Leader election algorithms

8 minute read

Many distributed systems require a leader to coordinate members. For instance, usually a group of replicas will have 1 leader that receives reads from the client and then sends copy to others. The crashing of the leader can lead to data inconsistency. Next, what if the members cannot agree on the next leader, or even worse more than 1 server claims to be the leader. To keep the system consistent, we need to:

  • Elect a leader and let everyone knows about this leader
  • When this leader fails, some process can detect this and elect new leader through some election algorithm

Let’s consider a model of system of N processes, each has their unique ID since without any special characteristics, there is no way to select among them, and every process knows the ID of every other process. Leader election algorithms aim to:

  1. Elect one leader only among the non-faulty processes and all non-faulty processes agree on who the leader is.
  2. Any non-faulty process can call for an election but at most one election at a time. Multiple processes are allowed to call an election simultaneously but together must yield only a single leader. And finally The result of an election should not depend on which process calls for it.
  3. Safety (nothing bad happens): all non-faulty processes will either agree to elect a non-faulty process with the highest attribute, or elects none at all. The attribute can be anything, i.e. the highest process ID, highest IP address, etc.
  4. Liveness (something good eventually happens): the election will eventually terminate at which one of non-faulty processes will become leader. Liveness is achieved under the assumption of reliable message delivery.

The bully algorithm

The simplest algorithm is that the currently running highest ID process will suppress lower ID processes and become the leader, hence the name the bully algorithm. Since every process knows the ID of others:

  1. When a process finds the coordinator has failed via the failure detector:
    • If it is the highest ID, it self-elects itself and sends a COORDINATOR message to inform other members; the election is completed.
    • Otherwise it initiates an election by sending an ELECTION message to processes with higher ID than itself, including the failed leader.
  2. If it does not receive answer within the timeout, the process sends COORDINATOR message to all lower-ID processes to announce itself as leader and the election completed.
  3. If an answer received OK message from some higher process, it will just wait for COORDINATOR message. If none received after another timeout, it starts a new election run.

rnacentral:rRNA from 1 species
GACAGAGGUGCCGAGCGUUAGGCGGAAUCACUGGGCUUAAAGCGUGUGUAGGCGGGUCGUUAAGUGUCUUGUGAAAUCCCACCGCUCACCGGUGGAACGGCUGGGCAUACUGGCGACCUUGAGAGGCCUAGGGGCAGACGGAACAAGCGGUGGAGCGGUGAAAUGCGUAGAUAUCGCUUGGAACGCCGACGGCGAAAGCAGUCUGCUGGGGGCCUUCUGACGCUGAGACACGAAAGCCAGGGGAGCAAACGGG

4. A process that receives an ELECTION message replies with OK message to suppress lower ID processes, and starts its own leader election protocol (unless it has already done so).

Let’s look at an example, node 2 detects the leader has failed and sends the “ELECTION” messages to every higher-id nodes.


The non-faulty nodes 3 and 4 sends back OK messages to node 2, node 2 stops any action.


Now both nodes 3 and 4 sends ELECTION messages to nodes with higher ID than themselves, and receives respective OK messages from non-faulty higher ID nodes.


Now Node 4 does not receive OK message, and so it sends COORDINATOR message to all lower-ID processes to announce itself as new leader.



The worst case happens when the election starts from the lowest-ID process, i.e. it sends (N-1) ELECTION messages to all the higher-ID processes. So the ith process sends (i-1) election messages, and the total messages are (N-1 + N-2 + … + 1) = O(N^2). On the other hand, the best situation is when the second-highest ID process detects leader failure and it only needs to send (N-2) COORDINATOR messages, no ELECTION message since there is no non-faulty higher-ID process than itself.

The Safety property cannot be met in some situations:

  1. It we replace the faulty leader with another process with the same ID, this new process will think that is has the higher ID. This process, together with the new process that also thinks that it currently has the highest ID via the election algorithm since the failure of the old leader; will send the COORDINATOR concurrently to announce themselves as the new leader. There are no guarantees on message delivery order, and the recipients of these messages may reach different conclusions on which is the coordinator process. Hence, Safety is achieved if no process is replaced.
  2. If the timeout in the step 2 above is not set accurately, i.e. a higher-ID process did not fail but sends message unusually slow causing the timeout at the algorithm initiator, this initiator then thinks that it is the non-faulty higher-ID process, and again we face the situation where more than 1 process claims to be the leader. So the Safety cannot be met in asynchronous system model where processes might be arbitrarily slow. However, in synchronous system model where the process execution speed and the message delivery time is bounded, and so we can set the timeouts such that above situation can be avoided, i.e. timeout is equal to the sum of the worst-case process execution speed and the worst-case message delivery time.

The Liveness condition can be met under the assumption of reliable message delivery, that is messages are eventually received at the correct destinations.